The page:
February 8

Thoughts on Legends of Runeterra

Think what you want about Riot games as a company, they are quite controversial these times, but they have some solid developers in their midst. Growing up I was a Dota-boy and I transitioned to LoL as early as Beta version. I played it a lot with my brother and some of my friends. Made a lot of new friends in the game. Played it with my students when I became a teacher. Needless to say, the game and especially the characters holds a special place in my heart.

The last six months I’ve started playing Legends of Runeterra a lot; Riot’s card game set in the same world. I played it quite a bit at release as well but I fell off because of other interesting games that popped up. Now I’m really hooked, much thanks to me buying a new phone where you can actually play games. Since digital card games these days are so well adapted to mobile screens it works just as well to play on the phone as it does on the PC.

Rather than talk about how the game works I thought I’d focus in on the stuff that I really like about it.

First: The Champions

Each deck can have up to six champions. You can have fewer if you want to but generally the champions are pretty powerful units so you want them in the deck. You can have a maximum of three copies of each champion in the deck(as with any other card). Champions have a level up condition, when leveled up the champion will switch to a more powerful form which will often speed up the game considerably if not dealt with quickly. The champion often have an effect that helps them on their way toward their level up. Conditions are things like seeing units die, dealing damage, targeting enemies or seeing specific keywords on allies. Champions are often the build around cards for each set. Each champion comes with a set of cards that are designed to use with them, but many champions have overlapping effects where you can double down on a specific strategy or creating interesting combinations.

Second: The Attack Token

To win in LoR you have to lower your opponent’s crystal’s health to zero, the most straightforward way to do this is to attack. This is by no means a unique rulest for card games, what is unique is the way the attack order works. Who gets to attack is determined by an attack token. The attack token starts with a player chosen at random and is then passed back and forth between the players as they pass turns. Since you can attack at anytime during a turn as long as you have the token, this creates a very interesting choice: Do you “open attack” or do you “develop”? The one who has the attack token always takes the first action, so an open attack is simply to attack as the first thing you do on a turn. This often means that you aren’t attacking with at much as you could have, if you have any units in your hand, but it also means that the opponent can’t develop any more blockers than what they have. The other option is to spend your mana to develop more attackers and then attack. Which of these options is the correct one is often not trivial to figure out as it depends on match up, what cards you think your opponent have and what the current health total is.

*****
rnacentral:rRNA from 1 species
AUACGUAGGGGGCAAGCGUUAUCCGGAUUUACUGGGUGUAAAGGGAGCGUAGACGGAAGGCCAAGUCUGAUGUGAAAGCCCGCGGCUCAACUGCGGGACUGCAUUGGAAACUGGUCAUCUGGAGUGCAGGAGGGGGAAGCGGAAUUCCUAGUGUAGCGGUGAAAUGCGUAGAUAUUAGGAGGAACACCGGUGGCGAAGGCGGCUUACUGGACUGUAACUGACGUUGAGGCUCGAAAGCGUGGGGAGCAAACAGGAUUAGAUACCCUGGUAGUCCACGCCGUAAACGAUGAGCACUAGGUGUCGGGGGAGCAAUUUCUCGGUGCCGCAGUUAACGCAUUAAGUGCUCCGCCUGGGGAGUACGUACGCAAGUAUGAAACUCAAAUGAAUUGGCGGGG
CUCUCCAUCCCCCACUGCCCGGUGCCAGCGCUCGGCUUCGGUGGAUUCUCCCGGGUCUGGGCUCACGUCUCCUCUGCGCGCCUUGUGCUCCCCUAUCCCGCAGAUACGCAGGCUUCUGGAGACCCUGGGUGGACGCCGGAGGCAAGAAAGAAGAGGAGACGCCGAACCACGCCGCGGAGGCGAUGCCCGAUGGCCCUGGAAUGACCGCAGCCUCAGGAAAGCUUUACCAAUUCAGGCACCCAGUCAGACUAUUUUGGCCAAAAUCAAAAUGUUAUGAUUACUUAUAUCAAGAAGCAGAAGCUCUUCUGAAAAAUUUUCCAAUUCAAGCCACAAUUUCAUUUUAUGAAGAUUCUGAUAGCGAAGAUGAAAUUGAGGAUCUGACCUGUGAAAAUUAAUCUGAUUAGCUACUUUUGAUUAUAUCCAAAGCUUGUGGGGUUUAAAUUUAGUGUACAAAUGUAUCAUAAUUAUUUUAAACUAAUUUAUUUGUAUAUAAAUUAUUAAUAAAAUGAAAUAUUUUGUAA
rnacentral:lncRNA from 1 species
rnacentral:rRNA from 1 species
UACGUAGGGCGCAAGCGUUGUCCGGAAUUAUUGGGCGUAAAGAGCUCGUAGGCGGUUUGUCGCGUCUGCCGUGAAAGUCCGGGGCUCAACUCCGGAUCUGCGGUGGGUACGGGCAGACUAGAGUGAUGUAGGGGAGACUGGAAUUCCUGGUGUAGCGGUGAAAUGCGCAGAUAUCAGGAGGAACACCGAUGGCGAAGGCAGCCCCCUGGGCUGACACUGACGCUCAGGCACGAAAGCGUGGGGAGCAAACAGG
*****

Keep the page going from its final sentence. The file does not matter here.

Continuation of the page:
Third: Spell mana

Often the more simple feature contributes the most to elevating certain games from being mediocre to being great. Spell mana is such a feature. Starting from zero, at the start of each turn you gain one extra maximum mana and then refill. Any excess mana that you don’t spend are lost to you, except if you have available spell mana slots. There are three spell mana slots and you can use them to bank mana for future turns, but you can only use that mana to cast spells. There are three types of cards in LoR: units, spells and landmarks (these were added in one of the expansions). Units and Landmarks stick on the board and have lasting power where spells often have an immediate effect, often a more supportive one. This makes it so that there is a merit to saving some of your mana but only makes it available for certain plays.

Fourth: Passing the turn

In LoR you take turns doing one action each during a round. Passing the turn might seem like a mundane thing at first, but it’s actually quite a brilliant chicken race mechanic. You often don’t want to be the first one to commit to something big, as if you don’t have any available mana left your opponent knows that you can’t deal with anything they play. This makes for a fun dare game were if you have the most developed board state you can dare your opponent to act first or spend their mana.

Finishing thoughts

Apart from those four points, LoR is just a well made game with tons of good voice acting, interactions between the characters on the cards, cool mechanics and right now a really fun meta. They also have expeditions (a form of drafting) and a single-player mode. They also have an extremely generous economy. I haven’t paid anything and I can still make any deck I want. Only reason I would want to spend money on it would be to support the developer, which is something I really should do I just haven’t decided what I would want to buy. There are some cosmetic items that are pretty cool but nothing has fully caught my eye to warrant a purchase.

Well, that’s a few thoughts. Might make another post later about it.

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Posted February 8, 2022 by Robert in category "Game Review

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